Present and Norse Greenlandic hayfields - Insect assemblages and human impact in southern Greenland

Eva Panagiotakopulu, Ashley Buchan

Research output: Contribution to journalArticlepeer-review

Abstract / Description of output

This study uses new data on insect biodiversity from a modern sheep farm environment in southern Greenland, and compares the results with fossil assemblages from the same region and other relevant sites in Greenland. The study was conducted on sheep farms at Tasiusaq and Qorlortup Itinnera in southern Greenland (61°N, 45°W). Data have also been drawn from 17 Quaternary and archaeological sites from Greenland with an emphasis on Norse insect assemblages from the same area. Species diversity and abundance of Coleoptera from the modern samples were relatively low, while Hemiptera were dominant in all habitats sampled around the hayfields. The first local extinctions in the natural beetle fauna appear with the initiation of Norse settlement. The diversity of Coleoptera in the modern samples is lower compared to the Norse faunas and this could partly be a result of mechanised agriculture. The Hemiptera demonstrate the exact opposite pattern. The modern samples include a similar range of Hemiptera species to their Norse equivalent, although the intensification in grass production is evident in the modern faunas. The increase of diversity in Hemiptera coincides with Landnám, with four additional species recorded from the Norse assemblages; the hemipterous faunas provide a signal for haymaking in the fossil record of Greenland.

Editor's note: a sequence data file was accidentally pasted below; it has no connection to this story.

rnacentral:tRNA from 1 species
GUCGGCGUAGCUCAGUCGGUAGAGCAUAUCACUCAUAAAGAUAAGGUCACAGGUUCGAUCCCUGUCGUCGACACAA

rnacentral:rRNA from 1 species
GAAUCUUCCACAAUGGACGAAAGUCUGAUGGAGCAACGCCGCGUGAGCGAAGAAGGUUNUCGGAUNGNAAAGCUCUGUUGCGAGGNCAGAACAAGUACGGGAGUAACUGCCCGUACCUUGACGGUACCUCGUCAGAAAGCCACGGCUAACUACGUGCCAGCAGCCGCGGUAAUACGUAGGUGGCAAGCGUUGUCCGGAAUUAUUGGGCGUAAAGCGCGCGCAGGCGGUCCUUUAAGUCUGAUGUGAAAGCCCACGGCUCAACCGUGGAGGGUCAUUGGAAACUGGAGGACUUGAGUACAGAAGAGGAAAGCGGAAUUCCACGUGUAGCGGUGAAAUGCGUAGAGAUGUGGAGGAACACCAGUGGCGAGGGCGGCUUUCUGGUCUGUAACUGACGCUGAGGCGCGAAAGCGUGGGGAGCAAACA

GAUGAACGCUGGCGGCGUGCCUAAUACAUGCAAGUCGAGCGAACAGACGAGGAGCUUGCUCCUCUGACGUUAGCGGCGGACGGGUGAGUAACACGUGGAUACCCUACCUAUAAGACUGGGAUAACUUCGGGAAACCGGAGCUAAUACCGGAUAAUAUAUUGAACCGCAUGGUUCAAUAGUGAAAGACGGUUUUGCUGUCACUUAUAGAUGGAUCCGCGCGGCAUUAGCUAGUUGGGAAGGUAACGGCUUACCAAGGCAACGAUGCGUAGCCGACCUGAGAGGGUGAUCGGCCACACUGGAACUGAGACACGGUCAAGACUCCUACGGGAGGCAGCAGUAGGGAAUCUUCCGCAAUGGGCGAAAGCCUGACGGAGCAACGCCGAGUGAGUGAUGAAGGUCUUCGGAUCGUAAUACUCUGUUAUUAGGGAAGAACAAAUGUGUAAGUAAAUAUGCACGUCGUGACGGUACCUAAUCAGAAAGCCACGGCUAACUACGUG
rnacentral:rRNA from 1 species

Original languageEnglish
Pages (from-to)921-931
Number of pages10
JournalThe Holocene
Issue number6
Early online date17 Mar 2015
Publication statusPublished - 1 Jun 2015

Keywords / Materials (for Non-textual outputs)

  • Coleoptera, diversity, farming, fossil insects, Greenland, Hemiptera, Norse


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